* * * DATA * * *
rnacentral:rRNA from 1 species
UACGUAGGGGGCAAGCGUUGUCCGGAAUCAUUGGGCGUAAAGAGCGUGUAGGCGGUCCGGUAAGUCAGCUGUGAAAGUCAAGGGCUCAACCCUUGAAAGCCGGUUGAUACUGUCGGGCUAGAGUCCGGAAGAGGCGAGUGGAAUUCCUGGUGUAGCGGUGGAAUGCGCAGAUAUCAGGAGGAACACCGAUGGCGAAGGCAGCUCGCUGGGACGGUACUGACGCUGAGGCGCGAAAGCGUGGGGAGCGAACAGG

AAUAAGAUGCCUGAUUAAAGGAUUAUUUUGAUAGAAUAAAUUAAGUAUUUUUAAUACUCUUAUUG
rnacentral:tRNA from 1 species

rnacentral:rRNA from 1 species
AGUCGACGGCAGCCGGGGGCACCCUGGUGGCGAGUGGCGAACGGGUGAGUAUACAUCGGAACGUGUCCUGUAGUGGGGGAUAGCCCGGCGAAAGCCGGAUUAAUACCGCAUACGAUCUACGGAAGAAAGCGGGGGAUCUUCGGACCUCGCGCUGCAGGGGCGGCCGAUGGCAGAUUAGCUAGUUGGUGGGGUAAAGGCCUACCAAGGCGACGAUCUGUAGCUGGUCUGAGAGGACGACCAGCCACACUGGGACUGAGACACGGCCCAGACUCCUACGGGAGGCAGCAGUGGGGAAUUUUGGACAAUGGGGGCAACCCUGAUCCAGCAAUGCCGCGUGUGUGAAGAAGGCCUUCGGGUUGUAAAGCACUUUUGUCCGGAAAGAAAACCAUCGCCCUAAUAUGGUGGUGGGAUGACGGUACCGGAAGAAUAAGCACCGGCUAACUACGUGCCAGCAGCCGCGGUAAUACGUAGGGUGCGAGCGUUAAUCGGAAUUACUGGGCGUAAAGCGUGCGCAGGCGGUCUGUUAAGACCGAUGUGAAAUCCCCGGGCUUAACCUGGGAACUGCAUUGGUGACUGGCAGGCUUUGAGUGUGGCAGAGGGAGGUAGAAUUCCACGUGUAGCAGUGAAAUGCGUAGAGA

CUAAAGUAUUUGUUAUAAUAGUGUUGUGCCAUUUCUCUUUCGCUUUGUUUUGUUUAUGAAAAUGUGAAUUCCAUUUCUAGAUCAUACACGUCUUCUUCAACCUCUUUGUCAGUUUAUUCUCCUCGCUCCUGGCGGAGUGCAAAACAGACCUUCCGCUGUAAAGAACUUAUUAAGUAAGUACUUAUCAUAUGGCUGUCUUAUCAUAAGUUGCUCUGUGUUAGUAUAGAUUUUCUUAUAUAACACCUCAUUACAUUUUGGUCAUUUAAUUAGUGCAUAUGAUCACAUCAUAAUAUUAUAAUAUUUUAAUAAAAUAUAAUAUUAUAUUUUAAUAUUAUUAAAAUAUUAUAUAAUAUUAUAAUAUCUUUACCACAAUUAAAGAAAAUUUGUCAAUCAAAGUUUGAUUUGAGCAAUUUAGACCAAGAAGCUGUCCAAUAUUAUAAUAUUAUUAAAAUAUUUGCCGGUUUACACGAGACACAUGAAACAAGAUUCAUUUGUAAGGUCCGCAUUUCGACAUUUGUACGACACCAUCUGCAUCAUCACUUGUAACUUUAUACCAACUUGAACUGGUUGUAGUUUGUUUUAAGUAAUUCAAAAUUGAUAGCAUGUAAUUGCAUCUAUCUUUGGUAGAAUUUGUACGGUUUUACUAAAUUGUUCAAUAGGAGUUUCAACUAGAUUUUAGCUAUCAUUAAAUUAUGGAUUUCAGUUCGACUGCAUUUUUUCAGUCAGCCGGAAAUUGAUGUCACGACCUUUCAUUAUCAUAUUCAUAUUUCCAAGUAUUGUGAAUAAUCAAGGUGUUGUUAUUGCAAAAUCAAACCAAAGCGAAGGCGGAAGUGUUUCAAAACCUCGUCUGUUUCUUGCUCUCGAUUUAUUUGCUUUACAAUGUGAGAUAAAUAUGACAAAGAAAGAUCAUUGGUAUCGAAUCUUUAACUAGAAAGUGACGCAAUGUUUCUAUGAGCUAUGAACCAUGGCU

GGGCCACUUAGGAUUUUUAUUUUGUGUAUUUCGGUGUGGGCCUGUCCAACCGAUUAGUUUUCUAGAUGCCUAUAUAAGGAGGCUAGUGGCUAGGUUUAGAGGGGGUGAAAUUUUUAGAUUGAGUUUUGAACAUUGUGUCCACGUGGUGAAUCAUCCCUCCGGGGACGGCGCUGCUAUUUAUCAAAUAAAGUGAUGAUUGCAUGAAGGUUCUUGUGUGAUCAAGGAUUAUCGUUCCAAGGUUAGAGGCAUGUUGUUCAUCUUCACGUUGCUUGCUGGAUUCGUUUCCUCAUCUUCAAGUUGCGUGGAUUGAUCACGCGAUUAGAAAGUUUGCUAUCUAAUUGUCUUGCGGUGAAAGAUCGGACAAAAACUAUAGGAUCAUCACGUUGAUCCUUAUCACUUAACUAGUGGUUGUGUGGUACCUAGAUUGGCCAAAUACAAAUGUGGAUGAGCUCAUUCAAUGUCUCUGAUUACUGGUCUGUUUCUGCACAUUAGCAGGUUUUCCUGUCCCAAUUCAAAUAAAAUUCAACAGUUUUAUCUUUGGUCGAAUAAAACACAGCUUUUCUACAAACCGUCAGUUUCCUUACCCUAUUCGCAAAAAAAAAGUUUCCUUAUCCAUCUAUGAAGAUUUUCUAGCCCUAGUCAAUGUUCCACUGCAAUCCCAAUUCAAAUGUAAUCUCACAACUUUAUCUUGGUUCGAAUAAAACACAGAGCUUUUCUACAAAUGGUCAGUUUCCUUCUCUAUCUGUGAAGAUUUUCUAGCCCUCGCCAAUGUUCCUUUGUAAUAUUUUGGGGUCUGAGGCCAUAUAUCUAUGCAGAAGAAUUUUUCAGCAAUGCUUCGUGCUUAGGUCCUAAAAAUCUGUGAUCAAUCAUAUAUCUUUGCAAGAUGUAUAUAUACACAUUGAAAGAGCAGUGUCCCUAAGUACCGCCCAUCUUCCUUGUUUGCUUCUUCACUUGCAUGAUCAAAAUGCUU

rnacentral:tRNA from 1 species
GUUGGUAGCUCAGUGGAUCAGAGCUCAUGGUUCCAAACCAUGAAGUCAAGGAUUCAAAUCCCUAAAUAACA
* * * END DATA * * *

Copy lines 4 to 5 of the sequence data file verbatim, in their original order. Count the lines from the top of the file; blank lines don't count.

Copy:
rnacentral:tRNA from 1 species

rnacentral:rRNA from 1 species